The Colorado Avalanche read my mind.
Just this morning I wrote in my mailbag that the Avalanche needed not one but possibly two depths forward.
one down. one more to go.
With the addition of Matt Nieto, the Avalanche could finally roll four lines again. Anton Blidh, who the Avalanche sent down yesterday, surpassed nine shifts just once in his last five-game outing. That game was a thumping win over the Red Wings, so of course he got some more ice time.
The return of Nieto, 30, gives Jared Bednar a forward he knows and trusts, particularly in the defensive zone. His eight goals this season is more than any AHL call-up the Avalanche has used this year. He won’t be averaging 15:39 in a game like he did in San Jose, so I doubt the production will hold up, but he will provide valuable minutes in the bottom six.
Matt Nieto, acquired from COL, is a bottom-six defensive first forward who appears to be restricted to playing for either the Sharks or Avalanche due to an obscure CBA clause.
Ryan Merkley doesn’t have a player card. pic.twitter.com/HuHERE1cfa
— JFresh (@JFreshHockey) January 26, 2023
The way the Avalanche have utilized their roster is unsustainable over an entire season. While they’ve been winning games lately, they’ve essentially been doing so with three lines. That could probably get them into the playoffs. But that’s not good enough to last four rounds of hockey.
And the Avalanche know that.
Nieto’s pace fits the roster perfectly, and like Cogliano last season, he’s a veteran who played a lot of playoff hockey.
He could also be just what Ben Meyers needs.
The young forward has struggled to score but hasn’t had a truly stable linemate since his return to the Avalanche. While it doesn’t necessarily have to be Nieto, acquiring another depth forward means knocking someone down. That should mean a more consistent Ice Age for Meyers. Nieto could be a good veteran mentor for Meyers.
While it’s unlikely we’ll be getting any confirmation on anything any time soon, the trade likely doesn’t bode well for Darren Helm’s health. Nieto is a good pickup to replace a lot of what Helm can bring.
This is the classic swap part of trading. Merkley asked for a trade from San Jose earlier this month and got his request.
What kind of players get the Avalanche? Well, one that has a lot of work to do, to say the least.
Our friends at San Jose Hockey Now have created a great visual breakdown of the issues plaguing Merkley’s game. There’s still a lot of work to be done on the puck’s defensive side, but he’s not doing much offensively either.
He has 14 points in 30 games in the AHL. All of these points are assists.
An NHL executive told SJHN that Merkley’s “offense isn’t [consistently] something special and he doesn’t defend well at all.” Not exactly a ringing endorsement. There are certainly tools to work with, but this is an organizational project.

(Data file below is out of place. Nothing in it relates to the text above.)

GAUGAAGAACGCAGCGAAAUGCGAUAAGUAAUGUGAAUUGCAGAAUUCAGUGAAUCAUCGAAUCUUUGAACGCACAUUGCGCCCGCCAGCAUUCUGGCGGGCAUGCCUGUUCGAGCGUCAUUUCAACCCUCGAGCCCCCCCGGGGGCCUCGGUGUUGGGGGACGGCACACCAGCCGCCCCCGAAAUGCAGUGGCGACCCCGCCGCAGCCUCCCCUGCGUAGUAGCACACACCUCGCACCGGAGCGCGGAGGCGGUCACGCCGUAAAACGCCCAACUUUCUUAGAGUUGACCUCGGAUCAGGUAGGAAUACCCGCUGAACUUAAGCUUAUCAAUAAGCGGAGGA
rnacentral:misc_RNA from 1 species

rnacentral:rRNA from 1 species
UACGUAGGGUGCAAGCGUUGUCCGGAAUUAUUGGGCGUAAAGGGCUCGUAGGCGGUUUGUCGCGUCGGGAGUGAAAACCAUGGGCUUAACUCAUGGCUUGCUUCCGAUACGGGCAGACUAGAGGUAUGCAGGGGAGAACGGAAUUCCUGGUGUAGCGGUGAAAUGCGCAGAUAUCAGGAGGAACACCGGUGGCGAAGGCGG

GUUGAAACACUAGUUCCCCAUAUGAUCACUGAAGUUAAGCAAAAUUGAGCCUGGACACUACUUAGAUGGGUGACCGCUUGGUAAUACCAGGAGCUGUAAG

Since they haven’t given up anything of real value, I think it’s a risk worth taking. The Avalanche have successfully developed defenders over the past few years, and they’re in no rush to bring him to the NHL. Merkley, as a right-hander, fills the hole left by Justin Barron and Drew Helleson’s trades last season. Greg Cronin has something to do with Merkley, but the talent is there.
The writing was on the wall.
This season, Kaut has had more of a chance with the Avalanche than he has in years, playing 27 games amidst injuries. Unfortunately, he didn’t really take this chance. When he was sent down over a week ago, it felt a bit like the end of the road.
Like Merkley, Kaut needs a change of scenery. Stylistically I don’t think it fits the way the Avalanche want to play. He’s really fond of slowing things down, and the Avalanche play at a pace I’m not sure he can pull off. He’s a smart, defensively responsible winger, but there’s no ability that really stands out. This makes it difficult to really break through at the highest level.
I would imagine given their record in San Jose that he might get a chance to play more in the NHL. Is he a full-time NHL player? I’m not sure, but if he makes it, it’s now or never.
In recent years, MacDonald has been a really valuable depth piece for the team. He wasn’t quite the same this season.
He got a pretty good look at defense but the consistency wasn’t there this year. When they moved him forward and called Brad Hunt to take his place on defense, a message was sent. It appears both Hunt and Andreas Englund jumped at him on the depth chart. When that happens, you are replaceable.
By trading Jacob MacDonald, the Avalanche seem pretty confident that not only will Josh Manson return after the All-Star hiatus, but so will Bowen Byram. You don’t trade deep defenders unless you know some defenders are returning.
This is a big win for the Avalanche.
They’re getting a clear upgrade on a defender they’ve been reluctant to use all season. The coaching staff know what Matt Nieto brings and will have no problem throwing him in the lineup and playing him 10-13 minutes a night. It fits perfectly.
The Kaut/Merkley portion of the trade will be a wait and see thing and both could end up fighting in their new locations, but the Avalanche are a better team today than they were yesterday.
And that’s what really matters.